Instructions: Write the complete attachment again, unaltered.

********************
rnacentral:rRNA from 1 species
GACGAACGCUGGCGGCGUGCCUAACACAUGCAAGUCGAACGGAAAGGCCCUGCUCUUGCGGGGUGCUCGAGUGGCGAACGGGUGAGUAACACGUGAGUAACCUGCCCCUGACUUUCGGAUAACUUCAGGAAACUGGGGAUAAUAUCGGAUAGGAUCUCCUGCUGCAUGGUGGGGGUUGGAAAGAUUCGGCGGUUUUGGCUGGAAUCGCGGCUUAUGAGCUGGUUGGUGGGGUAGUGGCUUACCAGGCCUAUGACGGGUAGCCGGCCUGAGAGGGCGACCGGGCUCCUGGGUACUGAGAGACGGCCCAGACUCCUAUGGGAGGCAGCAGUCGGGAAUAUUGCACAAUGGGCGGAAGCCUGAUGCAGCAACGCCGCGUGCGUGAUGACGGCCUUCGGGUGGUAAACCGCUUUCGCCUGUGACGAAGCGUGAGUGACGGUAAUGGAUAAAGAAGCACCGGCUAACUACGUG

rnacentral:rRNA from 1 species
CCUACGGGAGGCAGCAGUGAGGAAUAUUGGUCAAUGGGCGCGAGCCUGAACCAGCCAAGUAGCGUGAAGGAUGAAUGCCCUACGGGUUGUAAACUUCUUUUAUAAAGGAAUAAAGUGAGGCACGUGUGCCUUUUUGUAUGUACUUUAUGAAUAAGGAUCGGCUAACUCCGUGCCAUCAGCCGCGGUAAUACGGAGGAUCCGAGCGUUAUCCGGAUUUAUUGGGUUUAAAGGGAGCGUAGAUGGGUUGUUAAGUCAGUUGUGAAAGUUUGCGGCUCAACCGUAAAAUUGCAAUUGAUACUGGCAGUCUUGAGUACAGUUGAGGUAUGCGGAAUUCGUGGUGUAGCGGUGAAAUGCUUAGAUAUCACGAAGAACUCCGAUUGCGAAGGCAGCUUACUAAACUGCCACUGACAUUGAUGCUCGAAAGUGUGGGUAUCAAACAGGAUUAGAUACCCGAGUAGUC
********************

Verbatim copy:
rnacentral:rRNA from 1 species
GACGAACGCUGGCGGCGUGCCUAACACAUGCAAGUCGAACGGAAAGGCCCUGCUCUUGCGGGGUGCUCGAGUGGCGAACGGGUGAGUAACACGUGAGUAACCUGCCCCUGACUUUCGGAUAACUUCAGGAAACUGGGGAUAAUAUCGGAUAGGAUCUCCUGCUGCAUGGUGGGGGUUGGAAAGAUUCGGCGGUUUUGGCUGGAAUCGCGGCUUAUGAGCUGGUUGGUGGGGUAGUGGCUUACCAGGCCUAUGACGGGUAGCCGGCCUGAGAGGGCGACCGGGCUCCUGGGUACUGAGAGACGGCCCAGACUCCUAUGGGAGGCAGCAGUCGGGAAUAUUGCACAAUGGGCGGAAGCCUGAUGCAGCAACGCCGCGUGCGUGAUGACGGCCUUCGGGUGGUAAACCGCUUUCGCCUGUGACGAAGCGUGAGUGACGGUAAUGGAUAAAGAAGCACCGGCUAACUACGUG

rnacentral:rRNA from 1 species
CCUACGGGAGGCAGCAGUGAGGAAUAUUGGUCAAUGGGCGCGAGCCUGAACCAGCCAAGUAGCGUGAAGGAUGAAUGCCCUACGGGUUGUAAACUUCUUUUAUAAAGGAAUAAAGUGAGGCACGUGUGCCUUUUUGUAUGUACUUUAUGAAUAAGGAUCGGCUAACUCCGUGCCAUCAGCCGCGGUAAUACGGAGGAUCCGAGCGUUAUCCGGAUUUAUUGGGUUUAAAGGGAGCGUAGAUGGGUUGUUAAGUCAGUUGUGAAAGUUUGCGGCUCAACCGUAAAAUUGCAAUUGAUACUGGCAGUCUUGAGUACAGUUGAGGUAUGCGGAAUUCGUGGUGUAGCGGUGAAAUGCUUAGAUAUCACGAAGAACUCCGAUUGCGAAGGCAGCUUACUAAACUGCCACUGACAUUGAUGCUCGAAAGUGUGGGUAUCAAACAGGAUUAGAUACCCGAGUAGUC